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To commercial landlords, the ideal lawyer is one that can predict the future. And in the context of buying and selling New York City real estate, that means lawyers who can craft lease provisions to pre-emptively thwart tenant-holdouts seeking cash buyouts in exchange for surrendering and vacating their premises. The scenario usually plays out like this: landlord markets the building for sale; buyer tenders an offer on the condition that the building be conveyed vacant on the closing date; tenant demands an exorbitant amount of money from landlord in exchange for vacatur; landlord scours the lease for any possible tactical advantage in its negotiation with tenant; landlord finds none and capitulates to tenant’s demand or loses the deal. A win/win for the tenant.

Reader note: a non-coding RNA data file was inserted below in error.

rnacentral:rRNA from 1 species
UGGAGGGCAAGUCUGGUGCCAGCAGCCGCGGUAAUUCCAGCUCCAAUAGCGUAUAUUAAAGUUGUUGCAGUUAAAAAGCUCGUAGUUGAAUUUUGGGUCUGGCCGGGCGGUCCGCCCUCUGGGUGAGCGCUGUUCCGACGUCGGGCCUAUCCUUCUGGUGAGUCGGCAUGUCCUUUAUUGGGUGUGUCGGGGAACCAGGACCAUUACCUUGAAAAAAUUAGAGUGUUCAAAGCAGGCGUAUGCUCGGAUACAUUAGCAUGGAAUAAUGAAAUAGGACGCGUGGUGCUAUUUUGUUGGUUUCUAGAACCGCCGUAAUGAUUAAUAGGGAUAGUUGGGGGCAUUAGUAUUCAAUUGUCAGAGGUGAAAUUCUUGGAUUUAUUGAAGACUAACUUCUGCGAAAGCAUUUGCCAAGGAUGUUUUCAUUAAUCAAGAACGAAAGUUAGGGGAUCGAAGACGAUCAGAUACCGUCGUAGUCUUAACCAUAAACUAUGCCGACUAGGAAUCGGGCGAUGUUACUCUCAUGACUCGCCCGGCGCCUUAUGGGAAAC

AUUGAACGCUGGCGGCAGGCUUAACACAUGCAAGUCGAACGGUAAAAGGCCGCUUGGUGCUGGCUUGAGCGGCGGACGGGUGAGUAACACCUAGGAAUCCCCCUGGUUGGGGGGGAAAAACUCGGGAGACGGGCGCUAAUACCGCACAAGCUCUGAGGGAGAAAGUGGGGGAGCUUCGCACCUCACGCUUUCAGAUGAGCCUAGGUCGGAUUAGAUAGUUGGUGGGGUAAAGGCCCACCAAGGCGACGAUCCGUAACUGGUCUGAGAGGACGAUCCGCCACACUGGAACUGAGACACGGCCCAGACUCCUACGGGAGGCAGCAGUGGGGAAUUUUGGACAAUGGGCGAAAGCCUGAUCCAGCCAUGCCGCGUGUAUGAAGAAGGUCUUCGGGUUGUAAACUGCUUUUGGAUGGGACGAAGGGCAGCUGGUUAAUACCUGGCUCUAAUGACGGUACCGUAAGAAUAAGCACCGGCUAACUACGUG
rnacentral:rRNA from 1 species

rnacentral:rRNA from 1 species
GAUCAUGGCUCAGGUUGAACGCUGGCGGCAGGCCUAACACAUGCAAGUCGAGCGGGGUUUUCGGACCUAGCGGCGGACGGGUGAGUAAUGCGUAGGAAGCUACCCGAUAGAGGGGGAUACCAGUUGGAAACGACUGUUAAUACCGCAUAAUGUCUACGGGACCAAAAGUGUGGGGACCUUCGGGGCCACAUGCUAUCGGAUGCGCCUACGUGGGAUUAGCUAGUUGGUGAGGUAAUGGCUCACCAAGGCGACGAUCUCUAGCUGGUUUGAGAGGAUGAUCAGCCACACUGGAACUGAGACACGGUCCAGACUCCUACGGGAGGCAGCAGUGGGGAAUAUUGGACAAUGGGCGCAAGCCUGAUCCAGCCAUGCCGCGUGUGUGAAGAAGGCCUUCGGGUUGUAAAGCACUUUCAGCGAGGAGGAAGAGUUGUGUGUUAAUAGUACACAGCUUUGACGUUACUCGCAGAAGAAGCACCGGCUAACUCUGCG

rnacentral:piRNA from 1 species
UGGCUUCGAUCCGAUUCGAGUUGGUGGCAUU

By Jun Kwon
The Financial Accounting Standards Board released a new set of lease accounting standards, ASC 842, which went into effect earlier this year. Most significantly, publicly traded companies are now obligated to list all leases of 12 months or longer on their balance sheets as both assets and liabilities. Large private companies will follow suit in 2020.
By Howard A. Levine
Further comment and analysis is warranted on the three-judge dissent, which, if adopted by the majority, would have fundamentally altered the very foundation of New York contract law.
By Janice Inman
Defense Based on Federal Law Cannot Confer Federal Jurisdiction
By James O’Brien
Part Two of a Two-Part Article
Part One of this article outlined the basic elements of a subordination, non-disturbance and attornment agreement (SNDA), which regulates two competing interests in the same property — tenant’s right to possess its premises pursuant to its lease and mortgage lender’s security interest in that same premises. Part Two explains the differences between the concepts of “non-disturbance” and “recognition,” while contending that lease recognition is more important to the tenant than not having its possession disturbed.